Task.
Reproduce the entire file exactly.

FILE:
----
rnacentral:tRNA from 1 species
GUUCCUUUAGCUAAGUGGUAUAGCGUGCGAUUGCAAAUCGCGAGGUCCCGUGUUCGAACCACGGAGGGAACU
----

rnacentral:tRNA from 1 species
GUUCCUUUAGCUAAGUGGUAUAGCGUGCGAUUGCAAAUCGCGAGGUCCCGUGUUCGAACCACGGAGGGAACU